Quite simply this John Ford western is the best one ever made. The Duke has always been under-estimated as an actor, and he must have felt he was gipped at the Oscars when his super performance here was overlooked (just as it had been when he made Red River in 1948). A great movie magnificently photographed in Monument Valley.
A nostalgic look at the war years when women’s baseball briefly took over while the men were away killing people. Tom Hanks displays his amazing versatility, Geena Davis demonstrates her athletic ability, and Jon Lovitz is his usual hilarious self. Although primarily a comedy, there are some very touching scenes here and there that round out a thoroughly enjoyable picture.
Basically an action-comedy, Midnight Run never stops springing surprises and delivering chuckles. De Niro is terrific and Farina proves again that his real-life cop background in no way hinders his portrayals of very nasty individuals. John Ashton is a delight as a bungling bounty hunter always one step behind De Niro’s character.
The best of all the film noirs made. MacMurray surprised everyone as Walter Neff, but the picture is pretty much stolen by Robinson’s portrayal of the relentless insurance investigator Keyes. The script is first class, the tension maintained throughout, and the black and white photography is magnificent.
Hanks really is a marvelous actor. His versatility has him playing Forrest Gump one minute, a young boy the next in Big, a drunken baseball coach in A League of Their Own, and a vengeful gangland enforcer named Mike Sullivan in this 1930s drama. This movie captures the Depression era perfectly with rich characterizations from Newman, Law and Daniel Craig; but it is Hanks’s picture all the way.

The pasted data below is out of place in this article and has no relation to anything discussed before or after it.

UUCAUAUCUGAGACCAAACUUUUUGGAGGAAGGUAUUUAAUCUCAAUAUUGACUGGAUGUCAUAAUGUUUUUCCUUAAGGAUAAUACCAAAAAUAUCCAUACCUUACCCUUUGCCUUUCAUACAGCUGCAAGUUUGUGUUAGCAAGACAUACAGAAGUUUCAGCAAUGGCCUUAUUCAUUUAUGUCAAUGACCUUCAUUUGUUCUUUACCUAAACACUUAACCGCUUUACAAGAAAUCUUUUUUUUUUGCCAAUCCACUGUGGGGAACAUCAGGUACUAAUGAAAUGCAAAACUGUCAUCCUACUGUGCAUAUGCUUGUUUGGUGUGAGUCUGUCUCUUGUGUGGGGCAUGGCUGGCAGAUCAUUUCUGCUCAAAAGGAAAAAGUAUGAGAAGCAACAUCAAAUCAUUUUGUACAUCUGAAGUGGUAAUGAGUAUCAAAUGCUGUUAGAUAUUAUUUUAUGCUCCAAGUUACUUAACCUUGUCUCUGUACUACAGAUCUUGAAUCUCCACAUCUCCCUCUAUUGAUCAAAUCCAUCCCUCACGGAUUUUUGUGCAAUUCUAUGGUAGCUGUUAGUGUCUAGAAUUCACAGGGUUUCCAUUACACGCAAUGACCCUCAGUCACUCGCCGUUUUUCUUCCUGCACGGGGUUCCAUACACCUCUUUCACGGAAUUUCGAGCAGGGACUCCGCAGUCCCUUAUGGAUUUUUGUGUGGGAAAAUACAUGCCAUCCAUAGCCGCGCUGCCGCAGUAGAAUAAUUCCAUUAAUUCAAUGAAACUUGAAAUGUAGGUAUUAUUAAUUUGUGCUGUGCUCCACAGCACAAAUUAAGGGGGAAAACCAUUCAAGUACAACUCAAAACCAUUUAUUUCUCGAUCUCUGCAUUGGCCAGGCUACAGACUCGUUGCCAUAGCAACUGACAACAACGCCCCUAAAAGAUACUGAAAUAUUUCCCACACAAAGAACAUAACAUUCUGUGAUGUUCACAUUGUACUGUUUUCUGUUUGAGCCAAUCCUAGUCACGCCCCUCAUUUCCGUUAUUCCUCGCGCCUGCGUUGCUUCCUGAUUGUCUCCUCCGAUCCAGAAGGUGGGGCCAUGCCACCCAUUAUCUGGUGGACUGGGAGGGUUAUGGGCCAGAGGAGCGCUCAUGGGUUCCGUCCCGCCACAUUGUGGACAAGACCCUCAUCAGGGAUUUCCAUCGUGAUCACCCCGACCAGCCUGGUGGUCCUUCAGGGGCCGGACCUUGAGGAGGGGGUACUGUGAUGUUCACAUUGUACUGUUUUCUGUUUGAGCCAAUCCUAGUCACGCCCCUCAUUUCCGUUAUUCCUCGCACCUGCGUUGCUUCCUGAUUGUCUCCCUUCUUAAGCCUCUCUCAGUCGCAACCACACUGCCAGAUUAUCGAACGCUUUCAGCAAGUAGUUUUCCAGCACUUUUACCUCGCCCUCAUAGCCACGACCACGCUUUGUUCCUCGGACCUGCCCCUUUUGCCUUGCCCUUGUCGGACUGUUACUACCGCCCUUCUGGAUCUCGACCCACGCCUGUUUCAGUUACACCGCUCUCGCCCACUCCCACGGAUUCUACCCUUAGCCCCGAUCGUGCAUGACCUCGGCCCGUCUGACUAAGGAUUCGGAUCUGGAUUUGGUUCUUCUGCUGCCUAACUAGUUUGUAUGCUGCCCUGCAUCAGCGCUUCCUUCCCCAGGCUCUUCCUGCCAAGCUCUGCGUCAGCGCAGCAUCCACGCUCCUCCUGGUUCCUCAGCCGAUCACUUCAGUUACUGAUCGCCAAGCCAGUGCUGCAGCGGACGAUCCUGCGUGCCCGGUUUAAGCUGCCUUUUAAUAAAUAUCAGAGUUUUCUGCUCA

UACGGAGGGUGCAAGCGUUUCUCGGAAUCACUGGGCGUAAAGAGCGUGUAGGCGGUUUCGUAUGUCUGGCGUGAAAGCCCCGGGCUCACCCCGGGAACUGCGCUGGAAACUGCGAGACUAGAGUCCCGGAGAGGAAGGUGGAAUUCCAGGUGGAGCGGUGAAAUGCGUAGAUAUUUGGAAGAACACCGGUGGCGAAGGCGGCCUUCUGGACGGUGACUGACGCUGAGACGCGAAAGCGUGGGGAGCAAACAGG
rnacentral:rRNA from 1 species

CNN’s rise to broadcasting power via the first Gulf War is covered here in a snappy yet serious manner, graced by a fine cast who underplay (mostly). The tension is tangible as war approaches and Keaton’s character tries everything (within the rules) to gain an edge on rival media groups. Carter is as compelling as always. A great history lesson as well.
Director Ronnie Howard managed to make a tension-packed thriller out of an incident that most of us already knew had a happy ending. No small feat. The really amazing aspect of this story is the incredible determination and ingenuity of the people involved in getting the crew back to Earth.
One of the better historical dramas enhanced by sterling performances from the key players, in particular Blanchett, Rush and Christopher Eccleston as the Duke of Norfolk. Look for Daniel Craig playing an assassin/priest.
If you cannot laugh at this highly original western, then it is safe to say you have no sense of humor. Garner is one of the best at playing a charming, glib, smarty-pants, always in full control of the situation. The very witty script here is made to order for him. Funny westerns are rare, so for one to make my top twenty is evidence of its exceptional quality.